Project: Riverside House
Architect: Three Six Architecture
Location: Christchurch, New Zealand
Area: 3,121 sf
Photo by: Simon Devitt
Riverside House by Three Sixty Architecture
The Riverside Home is a stellar modern home designed by Three Six Architecture in a very desirable area of the city of Christchurch, New Zealand. With more than 3,000 square feet to offer, this house provides an elegant living solution in limited space. The room is simple and not cluttered and everything has a touch of sunlight.
Riverside House is an elegant and sculptured family paradise located in a very limited location by two main arterial routes on the desired corner of Hagley Park. The challenge is to make the best use of the site and adjust the large family home into a tight building envelope that is limited by the setback of the river and the footprints provided by the original house that occupies the land. Embracing river bank arrangements while maintaining privacy is a major concern for clients and short projects.
Our response is to design simple compositions of interrelated and cut open shapes to expose interior spaces to adjacent rivers and outside garden views. The ground floor contains a kitchen, dining room, living room, garage and guest suite. The upper floor contains a bedroom and a media room.
Large sliding glass doors open fully to dissolve the boundary between interior and exterior spaces, further reinforced with infinite floor tiles and wall layers that are used continuously between interior and exterior spaces. The terrace flows from the main living room and leads to a separate garden pavilion containing a swimming pool, spa and dressing room.
The living room in the house is limited and minimal. The entire ground floor is open and connected to each other but does not feel stiff or sterile. The kitchen is carefully detailed with functional cooking areas hidden in separate enclosures, allowing residents to enjoy the main room without clutter.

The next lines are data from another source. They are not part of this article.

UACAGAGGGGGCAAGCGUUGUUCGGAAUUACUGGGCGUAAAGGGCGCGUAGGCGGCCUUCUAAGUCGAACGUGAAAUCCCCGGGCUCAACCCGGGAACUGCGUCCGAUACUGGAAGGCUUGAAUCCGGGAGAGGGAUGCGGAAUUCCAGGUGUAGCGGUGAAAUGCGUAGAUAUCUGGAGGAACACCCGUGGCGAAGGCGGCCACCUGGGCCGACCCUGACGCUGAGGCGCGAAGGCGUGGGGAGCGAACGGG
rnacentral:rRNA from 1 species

The materiality is sophisticated and elegant – shining concrete rendering, dark stone and wood floors provide a rich and tactile experience. Smooth separation of shapes allows the upper level to float freely above the lower one. Elegant details that shed light on strong western elevations.
The design responds to privacy by combining a textured mixture of screening devices – from dark vertical louvers along the south and north facades to softer interior covers intended to envelop and hide the interior environment without losing the inhabitants’s relationship with the river and outside gardens. Filtered light and shadows created by the first floor grille produce a calm and orderly collection of spaces that respond to the tempo of the day and season.
This is a building that celebrates its location and praises the context of the existing site and the surrounding landscape, but still provides a comfortable resting place away from the very busy urban environment. Collaborators on this project are Lume Design for interiors, and Outerspace Landscapes.
The main design elements that make up the sustainability approach for this project are an envelope that is well insulated, located and formed to follow the best practices of passive solar design principles. The orientation of the Riverside house is largely determined by the geometry of the site but the location of the openings together with carefully considered overhangs combine to create a residence that reduces excess heat in summer while taking full advantage of the lower sun’s angle in winter.
The entire ground floor is concrete tiles that are activated when the winter sun penetrates the depths of the house, allowing for the benefit of passive sun. The plates are also heated with water pipes that are used through an air-to-water heat pump. The vertical grille that surrounds the upper level is positioned to filter out the sun’s rays and reduce the bedroom space that is too hot.
The Riverside House meets all the needs of this living family, and while the house checks boxes for the basics of sustainable living, it also has the warmth of materiality, connection to context, and connection to the landscape that evokes a positive response from residents who will be enjoyed during many years to come.
–Three Six Architecture